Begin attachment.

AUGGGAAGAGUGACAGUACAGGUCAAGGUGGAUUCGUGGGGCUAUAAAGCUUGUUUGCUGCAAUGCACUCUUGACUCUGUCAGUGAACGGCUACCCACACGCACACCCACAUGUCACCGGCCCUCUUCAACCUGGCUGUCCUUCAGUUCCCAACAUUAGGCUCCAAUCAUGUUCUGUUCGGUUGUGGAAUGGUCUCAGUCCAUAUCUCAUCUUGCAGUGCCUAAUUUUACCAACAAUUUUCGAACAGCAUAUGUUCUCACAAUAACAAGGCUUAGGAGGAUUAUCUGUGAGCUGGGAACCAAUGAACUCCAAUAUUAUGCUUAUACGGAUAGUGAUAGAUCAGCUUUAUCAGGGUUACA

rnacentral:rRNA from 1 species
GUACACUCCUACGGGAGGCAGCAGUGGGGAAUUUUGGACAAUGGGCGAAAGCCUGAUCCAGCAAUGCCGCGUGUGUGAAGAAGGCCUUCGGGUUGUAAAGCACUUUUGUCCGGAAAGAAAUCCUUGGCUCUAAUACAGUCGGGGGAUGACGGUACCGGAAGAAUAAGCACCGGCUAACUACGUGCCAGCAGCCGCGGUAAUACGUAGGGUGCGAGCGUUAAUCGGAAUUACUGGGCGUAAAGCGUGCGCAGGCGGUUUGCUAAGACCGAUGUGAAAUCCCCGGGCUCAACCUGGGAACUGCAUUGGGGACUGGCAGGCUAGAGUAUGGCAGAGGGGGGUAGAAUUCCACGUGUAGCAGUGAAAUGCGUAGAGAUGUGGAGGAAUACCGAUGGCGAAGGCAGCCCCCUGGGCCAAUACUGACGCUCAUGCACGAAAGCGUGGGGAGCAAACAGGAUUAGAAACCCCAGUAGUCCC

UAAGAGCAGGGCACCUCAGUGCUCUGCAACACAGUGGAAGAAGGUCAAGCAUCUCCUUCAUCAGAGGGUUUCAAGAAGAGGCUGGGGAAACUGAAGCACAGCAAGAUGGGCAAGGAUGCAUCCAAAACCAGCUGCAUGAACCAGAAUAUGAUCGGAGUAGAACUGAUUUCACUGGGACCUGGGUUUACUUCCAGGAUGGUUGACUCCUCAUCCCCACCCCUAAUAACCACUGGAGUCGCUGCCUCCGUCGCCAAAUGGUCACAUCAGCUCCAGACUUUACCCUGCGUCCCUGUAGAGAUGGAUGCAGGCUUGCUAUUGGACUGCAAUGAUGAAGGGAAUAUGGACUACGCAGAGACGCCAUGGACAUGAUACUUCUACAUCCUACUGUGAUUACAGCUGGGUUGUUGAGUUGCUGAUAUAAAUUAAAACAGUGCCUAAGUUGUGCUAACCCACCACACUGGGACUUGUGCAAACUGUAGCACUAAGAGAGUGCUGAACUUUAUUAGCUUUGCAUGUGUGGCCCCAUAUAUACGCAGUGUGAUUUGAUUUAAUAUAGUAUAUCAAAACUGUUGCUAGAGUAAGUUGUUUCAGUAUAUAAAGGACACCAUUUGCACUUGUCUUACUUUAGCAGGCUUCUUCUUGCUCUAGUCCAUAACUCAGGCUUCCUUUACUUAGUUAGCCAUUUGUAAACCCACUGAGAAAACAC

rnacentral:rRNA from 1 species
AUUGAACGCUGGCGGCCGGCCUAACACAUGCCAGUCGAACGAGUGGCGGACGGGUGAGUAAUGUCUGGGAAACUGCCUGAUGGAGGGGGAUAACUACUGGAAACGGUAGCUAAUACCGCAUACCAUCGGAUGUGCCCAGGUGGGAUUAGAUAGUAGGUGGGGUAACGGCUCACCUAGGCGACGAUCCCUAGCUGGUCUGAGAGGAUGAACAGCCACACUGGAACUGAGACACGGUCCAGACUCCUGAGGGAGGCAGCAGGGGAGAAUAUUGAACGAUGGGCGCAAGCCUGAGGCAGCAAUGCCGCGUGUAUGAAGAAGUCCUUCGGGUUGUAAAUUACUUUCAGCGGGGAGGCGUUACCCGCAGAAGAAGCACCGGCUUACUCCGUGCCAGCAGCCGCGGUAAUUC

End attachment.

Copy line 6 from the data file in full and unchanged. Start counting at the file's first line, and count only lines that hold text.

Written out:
AUUGAACGCUGGCGGCCGGCCUAACACAUGCCAGUCGAACGAGUGGCGGACGGGUGAGUAAUGUCUGGGAAACUGCCUGAUGGAGGGGGAUAACUACUGGAAACGGUAGCUAAUACCGCAUACCAUCGGAUGUGCCCAGGUGGGAUUAGAUAGUAGGUGGGGUAACGGCUCACCUAGGCGACGAUCCCUAGCUGGUCUGAGAGGAUGAACAGCCACACUGGAACUGAGACACGGUCCAGACUCCUGAGGGAGGCAGCAGGGGAGAAUAUUGAACGAUGGGCGCAAGCCUGAGGCAGCAAUGCCGCGUGUAUGAAGAAGUCCUUCGGGUUGUAAAUUACUUUCAGCGGGGAGGCGUUACCCGCAGAAGAAGCACCGGCUUACUCCGUGCCAGCAGCCGCGGUAAUUC